Rummy games began to appear in the early 20th century and are believed to have derived from the Mexican game, Conquian. Having enjoyed popularity in a number of guises more a number of times, it is no wonder that Rummy has no end of variations and adaptations. Gin, Canasta, Samba, and no end of American variations, the main defining character remains the same. Unlike so many other games which are concerned with trick taking, trick taking plays no part in the Rummy family.
Instead, the objective is exclusively focused on forming certain combinations of cards called “Melds”. Typically, these take the form of three or more of a kind, or of sequences comprising of three or more cards.
Rummy games tend to be more social or family games, light-hearted, rather than the cut throat trick taking affairs. Rummy, Canasta and Samba are just some of its most popular forms.
Here are the rules for the game of Rummy.
Standard pack of 52 cards
Deal and play are clockwise, the deal proceeds to the left after each hand.
For 2 players deal 10 cards each
The rest are placed face down in the center of the table and form the stock. Take the top card, and place face up, beside the stock.
To go out by laying down melds of 3 or more cards at one time.
Secondary Objective: If not the first to go out – to reduce the total face value of cards left in your hand.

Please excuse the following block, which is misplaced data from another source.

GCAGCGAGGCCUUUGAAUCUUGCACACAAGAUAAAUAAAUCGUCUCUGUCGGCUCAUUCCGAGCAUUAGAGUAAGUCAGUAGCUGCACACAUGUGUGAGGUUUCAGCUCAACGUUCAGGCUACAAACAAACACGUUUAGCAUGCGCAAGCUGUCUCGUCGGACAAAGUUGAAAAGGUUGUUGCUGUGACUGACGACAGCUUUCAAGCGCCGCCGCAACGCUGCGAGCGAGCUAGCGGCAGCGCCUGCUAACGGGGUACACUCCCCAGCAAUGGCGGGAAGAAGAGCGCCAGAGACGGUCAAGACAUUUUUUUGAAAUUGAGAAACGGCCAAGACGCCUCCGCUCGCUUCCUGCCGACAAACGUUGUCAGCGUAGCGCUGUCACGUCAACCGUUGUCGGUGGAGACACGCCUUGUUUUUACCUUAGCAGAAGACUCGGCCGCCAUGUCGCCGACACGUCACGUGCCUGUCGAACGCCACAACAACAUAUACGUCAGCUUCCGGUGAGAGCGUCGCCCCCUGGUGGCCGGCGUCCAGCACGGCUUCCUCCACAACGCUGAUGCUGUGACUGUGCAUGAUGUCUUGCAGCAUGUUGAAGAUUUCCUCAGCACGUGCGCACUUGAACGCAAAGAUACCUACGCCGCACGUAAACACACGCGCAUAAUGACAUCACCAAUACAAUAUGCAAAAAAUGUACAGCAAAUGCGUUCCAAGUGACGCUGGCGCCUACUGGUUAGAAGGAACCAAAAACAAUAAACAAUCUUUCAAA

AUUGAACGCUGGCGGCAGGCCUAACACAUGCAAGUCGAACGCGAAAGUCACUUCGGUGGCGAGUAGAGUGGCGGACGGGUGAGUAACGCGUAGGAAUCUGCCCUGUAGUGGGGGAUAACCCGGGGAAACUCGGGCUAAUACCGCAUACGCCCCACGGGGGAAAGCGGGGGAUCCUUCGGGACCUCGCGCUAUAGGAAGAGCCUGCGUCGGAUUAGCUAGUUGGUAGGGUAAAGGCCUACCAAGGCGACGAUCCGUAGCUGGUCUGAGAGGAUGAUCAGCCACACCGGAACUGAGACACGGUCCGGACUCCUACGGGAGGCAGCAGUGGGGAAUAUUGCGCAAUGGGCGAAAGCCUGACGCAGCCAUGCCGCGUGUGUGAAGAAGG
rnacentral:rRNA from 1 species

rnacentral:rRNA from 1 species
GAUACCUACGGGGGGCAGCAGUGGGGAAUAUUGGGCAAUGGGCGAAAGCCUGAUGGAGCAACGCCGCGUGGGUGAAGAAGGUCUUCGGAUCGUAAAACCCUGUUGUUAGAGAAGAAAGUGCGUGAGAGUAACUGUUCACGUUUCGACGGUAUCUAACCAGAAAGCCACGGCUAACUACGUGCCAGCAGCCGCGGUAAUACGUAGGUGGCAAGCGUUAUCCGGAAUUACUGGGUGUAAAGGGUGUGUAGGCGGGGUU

Ace = 1, Court Cards = 10 each
Each in turn, starting left to the dealer,
Melding and Laying Off
One or more melds or lay offs can be made in one turn. A meld is made by placing the group or sequence face up on the table in front of the player.
A card that extends any meld is called a lay off. A card may be added to an existing meld regardless of who made it in the first place. So, you can add cards to your opponent’s melds, it is no advantage to him/her.
End of Stock
It may happen that no one goes out before the stock has been exhausted. If the cards run out, simply take the discard pile as is, square up the cards and, without shuffling, turn right-side up to act as the stock all over again. Turn the top card face up, and then continue playing as if nothing had happened.
The winner is the player who plays the last card from his/her hand whether by melding, laying off, or discarding. The game ends immediately, and each opponent accrues penalties equal to the value of the cards left in his hand.
A player goes rummy by getting rid of his/her entire hand in one turn, without having melded or laid off a single card in that deal. In such a case, the winner score double against his/her opponents.
A game may consist of any agreed number of deals or be played up to a previously agreed target score.